Minnesota man climbing EpicMix leaderboard 220 vertical feet at a time
Check out Larson’s progress by clicking “this season” under the “All time” tab on epicmix.com/leaderboard.
Scroll through Vail Resorts’ EpicMix leaderboard for any given season and you’ll see a lot of the same logos in the “most visited” column: Heavenly, Breck, Keystone, Vail, etc.
But this season, there has been a Zermatt-looking peak in the top-5 that seems to jump off the page — what logo is that? Why, it’s Afton Alps in Minnesota, where 57-year-old Bruce Larson has been shredding every night.
“I call it my get-off-the-couch program,” Larson said in a phone call Wednesday, Jan. 17, from his hometown of Woodbury in Minnesota.
Larson works full time as an architect in St. Paul and is married with a 17-year-old son. In search of exercise, he decided to start using Vail Resorts’ EpicMix app to track his vertical feet about five years ago.
“I got into EpicMix to keep up with my brother, who lives in Eagle,” Larson said. “He can get 100,000 vert in two days, and it takes me seven days of skiing at night after work from 6 to 9:30 to get to 100,000.”
‘DURING THE VIKINGS GAME’
Bruce’s brother, Eagle resident Steve Larson, is the kind of skier you might expect a longtime local to be. He gets out when the conditions are good.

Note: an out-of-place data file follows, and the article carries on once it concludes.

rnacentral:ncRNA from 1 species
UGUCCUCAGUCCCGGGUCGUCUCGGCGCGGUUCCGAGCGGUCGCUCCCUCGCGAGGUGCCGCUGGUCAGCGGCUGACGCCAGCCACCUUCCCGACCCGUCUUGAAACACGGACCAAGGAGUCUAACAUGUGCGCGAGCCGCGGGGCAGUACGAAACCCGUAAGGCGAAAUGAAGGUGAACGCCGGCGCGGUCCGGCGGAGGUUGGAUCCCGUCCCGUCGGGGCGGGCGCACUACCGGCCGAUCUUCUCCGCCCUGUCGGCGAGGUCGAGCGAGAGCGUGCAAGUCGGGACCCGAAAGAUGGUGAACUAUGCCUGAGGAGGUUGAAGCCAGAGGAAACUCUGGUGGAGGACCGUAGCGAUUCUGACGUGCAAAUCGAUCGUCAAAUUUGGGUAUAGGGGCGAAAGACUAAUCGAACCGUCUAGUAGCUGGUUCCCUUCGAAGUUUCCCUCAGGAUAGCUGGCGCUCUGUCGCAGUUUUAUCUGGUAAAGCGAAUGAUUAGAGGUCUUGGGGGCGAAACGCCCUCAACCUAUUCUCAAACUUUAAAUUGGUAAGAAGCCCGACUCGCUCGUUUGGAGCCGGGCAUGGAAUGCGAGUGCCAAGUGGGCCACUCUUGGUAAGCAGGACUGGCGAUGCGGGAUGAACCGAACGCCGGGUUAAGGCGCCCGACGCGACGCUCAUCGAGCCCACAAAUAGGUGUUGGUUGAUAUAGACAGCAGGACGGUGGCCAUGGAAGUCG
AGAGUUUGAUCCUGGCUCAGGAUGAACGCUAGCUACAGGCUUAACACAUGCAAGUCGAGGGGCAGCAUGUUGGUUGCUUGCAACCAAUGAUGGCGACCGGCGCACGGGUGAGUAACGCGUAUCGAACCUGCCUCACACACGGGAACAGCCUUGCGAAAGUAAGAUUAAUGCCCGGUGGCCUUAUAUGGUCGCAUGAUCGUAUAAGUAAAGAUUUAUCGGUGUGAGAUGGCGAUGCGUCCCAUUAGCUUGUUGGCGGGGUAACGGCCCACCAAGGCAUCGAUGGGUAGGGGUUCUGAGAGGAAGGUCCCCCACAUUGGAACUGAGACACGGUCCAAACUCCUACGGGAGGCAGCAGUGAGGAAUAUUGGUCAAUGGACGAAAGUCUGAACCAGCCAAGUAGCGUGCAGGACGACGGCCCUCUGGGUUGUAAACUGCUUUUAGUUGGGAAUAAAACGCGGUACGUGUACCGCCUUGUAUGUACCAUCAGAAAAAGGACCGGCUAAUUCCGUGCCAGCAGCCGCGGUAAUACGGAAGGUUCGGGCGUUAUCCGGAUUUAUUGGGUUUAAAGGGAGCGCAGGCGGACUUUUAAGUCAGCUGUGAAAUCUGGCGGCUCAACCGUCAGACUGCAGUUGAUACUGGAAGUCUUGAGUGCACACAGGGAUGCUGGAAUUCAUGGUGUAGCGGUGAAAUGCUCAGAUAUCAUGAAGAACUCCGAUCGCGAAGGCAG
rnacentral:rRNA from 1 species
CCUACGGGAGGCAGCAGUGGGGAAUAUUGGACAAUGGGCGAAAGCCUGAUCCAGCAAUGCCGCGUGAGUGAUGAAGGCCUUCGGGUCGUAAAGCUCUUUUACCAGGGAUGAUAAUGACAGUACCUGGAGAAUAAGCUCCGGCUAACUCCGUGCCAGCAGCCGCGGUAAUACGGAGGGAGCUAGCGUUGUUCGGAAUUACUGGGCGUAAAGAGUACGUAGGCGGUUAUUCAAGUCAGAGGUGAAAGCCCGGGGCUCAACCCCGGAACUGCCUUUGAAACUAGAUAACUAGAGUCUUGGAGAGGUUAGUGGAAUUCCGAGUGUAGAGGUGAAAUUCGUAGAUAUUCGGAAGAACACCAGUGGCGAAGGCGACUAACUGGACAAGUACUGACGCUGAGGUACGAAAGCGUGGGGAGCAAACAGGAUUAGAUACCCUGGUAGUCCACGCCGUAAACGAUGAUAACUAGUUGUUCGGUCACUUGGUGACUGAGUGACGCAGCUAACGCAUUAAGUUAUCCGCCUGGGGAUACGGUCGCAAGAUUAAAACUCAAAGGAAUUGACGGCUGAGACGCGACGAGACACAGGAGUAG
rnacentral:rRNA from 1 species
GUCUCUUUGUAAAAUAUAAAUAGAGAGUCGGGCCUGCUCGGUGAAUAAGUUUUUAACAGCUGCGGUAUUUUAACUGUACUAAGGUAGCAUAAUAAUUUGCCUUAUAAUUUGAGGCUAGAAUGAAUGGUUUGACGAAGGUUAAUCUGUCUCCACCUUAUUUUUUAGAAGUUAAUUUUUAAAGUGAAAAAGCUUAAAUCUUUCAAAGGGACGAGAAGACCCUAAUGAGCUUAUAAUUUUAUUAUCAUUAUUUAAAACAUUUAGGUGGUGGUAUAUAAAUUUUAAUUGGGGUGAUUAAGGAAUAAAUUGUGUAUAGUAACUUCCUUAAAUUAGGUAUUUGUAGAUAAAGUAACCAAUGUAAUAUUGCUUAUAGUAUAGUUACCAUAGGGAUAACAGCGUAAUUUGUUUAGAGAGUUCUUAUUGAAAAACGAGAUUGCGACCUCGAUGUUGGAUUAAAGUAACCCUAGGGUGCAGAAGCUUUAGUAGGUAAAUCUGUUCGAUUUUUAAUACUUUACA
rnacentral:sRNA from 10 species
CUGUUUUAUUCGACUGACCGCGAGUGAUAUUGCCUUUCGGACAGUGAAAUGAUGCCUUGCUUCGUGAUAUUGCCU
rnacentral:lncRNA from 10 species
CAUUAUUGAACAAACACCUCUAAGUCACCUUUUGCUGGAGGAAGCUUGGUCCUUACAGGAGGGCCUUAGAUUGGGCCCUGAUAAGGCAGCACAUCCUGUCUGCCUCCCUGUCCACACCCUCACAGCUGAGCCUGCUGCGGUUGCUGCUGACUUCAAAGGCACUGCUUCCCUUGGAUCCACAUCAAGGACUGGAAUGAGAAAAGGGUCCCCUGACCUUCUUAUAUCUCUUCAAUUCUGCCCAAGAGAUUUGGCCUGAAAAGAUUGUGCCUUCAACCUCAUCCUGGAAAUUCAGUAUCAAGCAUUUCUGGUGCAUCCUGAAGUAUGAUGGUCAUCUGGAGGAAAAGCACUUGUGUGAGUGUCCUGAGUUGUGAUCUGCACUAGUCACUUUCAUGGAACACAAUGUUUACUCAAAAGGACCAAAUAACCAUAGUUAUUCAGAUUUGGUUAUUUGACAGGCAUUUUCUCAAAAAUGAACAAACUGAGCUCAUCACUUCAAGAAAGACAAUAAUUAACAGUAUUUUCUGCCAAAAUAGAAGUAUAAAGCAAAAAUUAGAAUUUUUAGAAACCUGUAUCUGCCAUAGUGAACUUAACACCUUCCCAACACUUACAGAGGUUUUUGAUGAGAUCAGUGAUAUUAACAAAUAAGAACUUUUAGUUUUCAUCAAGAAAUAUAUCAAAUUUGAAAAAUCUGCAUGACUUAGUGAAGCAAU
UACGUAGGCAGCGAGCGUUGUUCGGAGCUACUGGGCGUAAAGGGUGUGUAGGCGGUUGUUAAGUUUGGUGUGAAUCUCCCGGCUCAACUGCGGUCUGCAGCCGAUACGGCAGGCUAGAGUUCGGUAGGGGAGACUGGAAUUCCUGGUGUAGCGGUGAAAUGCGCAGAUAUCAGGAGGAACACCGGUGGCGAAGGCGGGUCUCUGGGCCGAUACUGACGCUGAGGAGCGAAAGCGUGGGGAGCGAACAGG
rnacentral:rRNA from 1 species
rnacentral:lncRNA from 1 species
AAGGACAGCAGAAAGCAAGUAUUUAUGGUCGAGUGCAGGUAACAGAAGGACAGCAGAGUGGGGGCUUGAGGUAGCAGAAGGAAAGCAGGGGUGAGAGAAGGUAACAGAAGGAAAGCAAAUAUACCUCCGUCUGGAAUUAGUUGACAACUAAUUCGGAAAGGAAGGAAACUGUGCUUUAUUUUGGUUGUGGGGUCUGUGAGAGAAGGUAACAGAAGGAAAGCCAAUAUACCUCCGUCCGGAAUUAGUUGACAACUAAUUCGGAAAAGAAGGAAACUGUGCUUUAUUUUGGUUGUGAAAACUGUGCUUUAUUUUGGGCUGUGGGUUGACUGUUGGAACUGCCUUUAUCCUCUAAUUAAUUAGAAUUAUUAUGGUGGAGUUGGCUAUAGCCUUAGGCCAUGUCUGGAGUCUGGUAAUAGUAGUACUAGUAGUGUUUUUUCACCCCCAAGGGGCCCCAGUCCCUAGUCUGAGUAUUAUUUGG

“He says he’s more about quality than quantity,” Bruce Larson said.
When they first started using the app, the brothers both hit 1 million vertical feet at roughly the same time for the first few years.
This season, however, our man in Afton is actually beating his brother in Eagle by quite a bit. Afton Alps opened before Vail and Beaver Creek, and has been enjoying cold weather conditions.
“It’s been a blast this season,” Larson said. “I was skiing during the Vikings game on Sunday because it was dumping snow — I was getting updates from the lifties every time I lapped by.”
After making enough snow to open earlier than usual this year, conditions at the Twin Cities area resort have stayed fairly consistent for the rest of the season so far, Larson said.
“They were able to stay open pretty steadily and then once it got cold at Thanksgiving we’ve had great snow since,” Larson said. “I think we’ve only had one or two days where it’s been warm, so it wasn’t long enough of a stretch to turn our snow into a glacier like it can do if it warms up.”
NO DAYS OFF
Larson tries to get over 100 days and over 1,000,000 vertical feet every year. He also tries to take a few trips out west to vacation with friends and stack vertical 2,000 feet at a time, as opposed to 200.
“A million of my vertical feet is usually at Afton Alps, and then I’ll get another quarter million or so out west,” he said. “This year, with the early start, I’m shooting for 115 days and over 1.3 million vertical feet.”
Larson visited Eagle and Summit counties over the holidays, driving in from Minnesota and picking up a friend in Iowa on the way.
“We drove all day and skied at night at Keystone, so I didn’t miss a ski day,” Larson said. “Then we skied Vail, Beaver Creek, Breck and ended again at Keystone, so when we were done at Keystone we could drive right back. And then I skied the next night at Afton.”
For downvalley humans, it’s pretty cool when elk decide to hunker down around Eagle for the winter. For the elk, it’s more of a lesser-of-two-evils situation.